AAN: New Guideline on Disease-Modifying Therapies for MS Published

A total of 30 recommendations were included in the guideline
A total of 30 recommendations were included in the guideline

The American Academy of Neurology (AAN) has issued a new practice guideline regarding the use of disease-modifying therapies (DMTs) for adults with multiple sclerosis (MS). 

The guideline, published in the journal Neurology, provides recommendations on initiating, switching, and discontinuing DMTs relevant to patients with relapsing-remitting MS (RRMS), secondary progressive MS, primary progressive MS (PPMS), and clinically isolated syndromes of demyelination. The recommendations were based on findings from a systematic review and supported by related evidence, principles of care, and inference from evidence. 

The systematic review, which included 20 Cochrane reviews and 73 articles, found that many DMTs proved superior to placebo for patients with RRMS as demonstrated by annualized relapse rates (ARR), new disease activity, and in-study disease progression. In addition, RRMS patients who relapsed while on interferon-β or glatiramer acetate found greater benefit with alemtuzumab vs interferon-β-1a in reducing ARR. The research also showed that patients with PPMS saw greater treatment effect with ocrelizumab vs placebo.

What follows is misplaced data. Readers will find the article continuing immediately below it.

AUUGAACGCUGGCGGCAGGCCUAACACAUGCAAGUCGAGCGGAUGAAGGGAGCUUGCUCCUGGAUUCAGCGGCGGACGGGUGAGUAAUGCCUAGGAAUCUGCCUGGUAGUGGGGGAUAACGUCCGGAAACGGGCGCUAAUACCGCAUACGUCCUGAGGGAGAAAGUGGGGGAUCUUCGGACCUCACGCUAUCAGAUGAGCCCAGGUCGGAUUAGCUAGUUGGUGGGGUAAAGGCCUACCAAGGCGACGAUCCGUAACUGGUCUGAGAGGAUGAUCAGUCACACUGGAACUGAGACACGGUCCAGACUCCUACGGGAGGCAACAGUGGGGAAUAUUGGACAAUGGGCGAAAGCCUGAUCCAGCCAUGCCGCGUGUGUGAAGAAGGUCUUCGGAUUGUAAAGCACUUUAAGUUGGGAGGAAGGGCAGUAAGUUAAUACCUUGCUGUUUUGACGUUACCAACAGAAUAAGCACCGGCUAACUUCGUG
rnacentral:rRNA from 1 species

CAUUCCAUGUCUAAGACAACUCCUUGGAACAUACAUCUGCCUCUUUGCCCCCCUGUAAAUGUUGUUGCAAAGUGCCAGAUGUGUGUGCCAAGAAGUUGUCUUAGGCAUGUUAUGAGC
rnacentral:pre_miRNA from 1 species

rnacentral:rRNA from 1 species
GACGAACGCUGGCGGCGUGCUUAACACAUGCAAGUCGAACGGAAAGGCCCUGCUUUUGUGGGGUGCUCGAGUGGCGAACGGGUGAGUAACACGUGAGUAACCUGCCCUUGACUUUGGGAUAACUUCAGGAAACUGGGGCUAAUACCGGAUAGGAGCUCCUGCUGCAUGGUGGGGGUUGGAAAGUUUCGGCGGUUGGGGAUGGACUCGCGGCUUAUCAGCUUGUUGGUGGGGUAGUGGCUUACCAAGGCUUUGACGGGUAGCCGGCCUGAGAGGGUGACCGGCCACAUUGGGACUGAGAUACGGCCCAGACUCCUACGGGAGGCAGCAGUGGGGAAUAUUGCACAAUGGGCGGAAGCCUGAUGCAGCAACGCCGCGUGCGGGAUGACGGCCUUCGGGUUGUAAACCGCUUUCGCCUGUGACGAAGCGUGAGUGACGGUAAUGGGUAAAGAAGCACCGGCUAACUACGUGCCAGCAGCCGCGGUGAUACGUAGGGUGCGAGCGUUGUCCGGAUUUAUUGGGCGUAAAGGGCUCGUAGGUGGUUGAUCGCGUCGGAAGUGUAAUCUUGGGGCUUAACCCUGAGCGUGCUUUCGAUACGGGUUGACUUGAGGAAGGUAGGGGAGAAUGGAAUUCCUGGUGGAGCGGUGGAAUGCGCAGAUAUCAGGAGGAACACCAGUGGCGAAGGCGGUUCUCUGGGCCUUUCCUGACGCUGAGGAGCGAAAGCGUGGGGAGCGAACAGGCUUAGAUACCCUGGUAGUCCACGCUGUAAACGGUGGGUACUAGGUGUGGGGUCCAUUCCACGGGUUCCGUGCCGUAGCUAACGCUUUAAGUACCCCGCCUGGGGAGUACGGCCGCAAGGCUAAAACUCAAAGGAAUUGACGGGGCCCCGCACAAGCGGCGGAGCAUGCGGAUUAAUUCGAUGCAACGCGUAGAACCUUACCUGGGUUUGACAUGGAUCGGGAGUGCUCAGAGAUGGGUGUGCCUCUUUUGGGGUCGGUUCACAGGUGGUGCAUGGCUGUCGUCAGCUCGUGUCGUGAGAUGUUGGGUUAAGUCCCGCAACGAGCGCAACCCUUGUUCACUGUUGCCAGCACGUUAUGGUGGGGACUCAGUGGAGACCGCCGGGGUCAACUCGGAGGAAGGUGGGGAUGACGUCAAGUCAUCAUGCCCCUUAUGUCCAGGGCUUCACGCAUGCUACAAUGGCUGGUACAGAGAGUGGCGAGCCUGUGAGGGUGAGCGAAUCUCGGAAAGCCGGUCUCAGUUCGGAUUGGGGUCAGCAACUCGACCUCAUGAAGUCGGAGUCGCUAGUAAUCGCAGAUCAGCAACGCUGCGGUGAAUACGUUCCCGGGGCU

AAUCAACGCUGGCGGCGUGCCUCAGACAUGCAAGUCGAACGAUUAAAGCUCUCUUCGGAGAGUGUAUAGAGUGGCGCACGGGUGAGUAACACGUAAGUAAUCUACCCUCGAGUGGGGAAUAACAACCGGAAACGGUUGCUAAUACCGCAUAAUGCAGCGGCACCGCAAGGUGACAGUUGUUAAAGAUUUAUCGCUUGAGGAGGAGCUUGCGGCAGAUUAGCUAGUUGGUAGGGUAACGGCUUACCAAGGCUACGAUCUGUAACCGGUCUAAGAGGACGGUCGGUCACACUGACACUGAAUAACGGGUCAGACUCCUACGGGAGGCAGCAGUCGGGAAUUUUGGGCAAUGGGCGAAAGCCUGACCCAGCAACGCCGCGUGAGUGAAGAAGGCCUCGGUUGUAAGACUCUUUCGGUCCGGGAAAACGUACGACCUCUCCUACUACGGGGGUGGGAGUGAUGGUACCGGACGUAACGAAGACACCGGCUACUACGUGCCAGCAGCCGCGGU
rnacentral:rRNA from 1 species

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A total of 30 recommendations were included in the guideline, with 17 statements addressing DMT initiation, 10 referring to DMT switching when breakthrough disease develops, and 3 regarding DMT discontinuation. The guideline also discusses the risks associated with DMT, including counseling about the possibility of progressive multifocal leukoencephalopathy (PML) in patients taking natalizumab, fingolimod, rituximab, ocrelizumab, and dimethyl fumarate

Some of the major recommendations include:

  • Clinicians should counsel about comorbid disease, adverse health behaviors, and potential interactions of the DMT with concomitant medications when people with MS initiate DMTs
  • After discussing the risks and benefits, clinicians should prescribe DMT to people with a single clinical demyelinating event and 2 or more brain lesions characteristic of MS who decide they want this therapy
  • Clinicians should offer DMTs to people with relapsing forms of MS with recent clinical relapses or MRI activity 
  • Clinicians should prescribe alemtuzumab, fingolimod, or natalizumab for people with MS with highly active MS 
  • Clinicians should offer ocrelizumab to people with PPMS who are likely to benefit from this therapy unless there are risks of treatment that outweigh the benefits
  • People with MS with serious infections potentially linked to their DMT should switch DMTs (does not pertain to PML management in people with MS using DMT) 

The summary of practice guideline recommendations can be found here.

For more information visit neurology.org.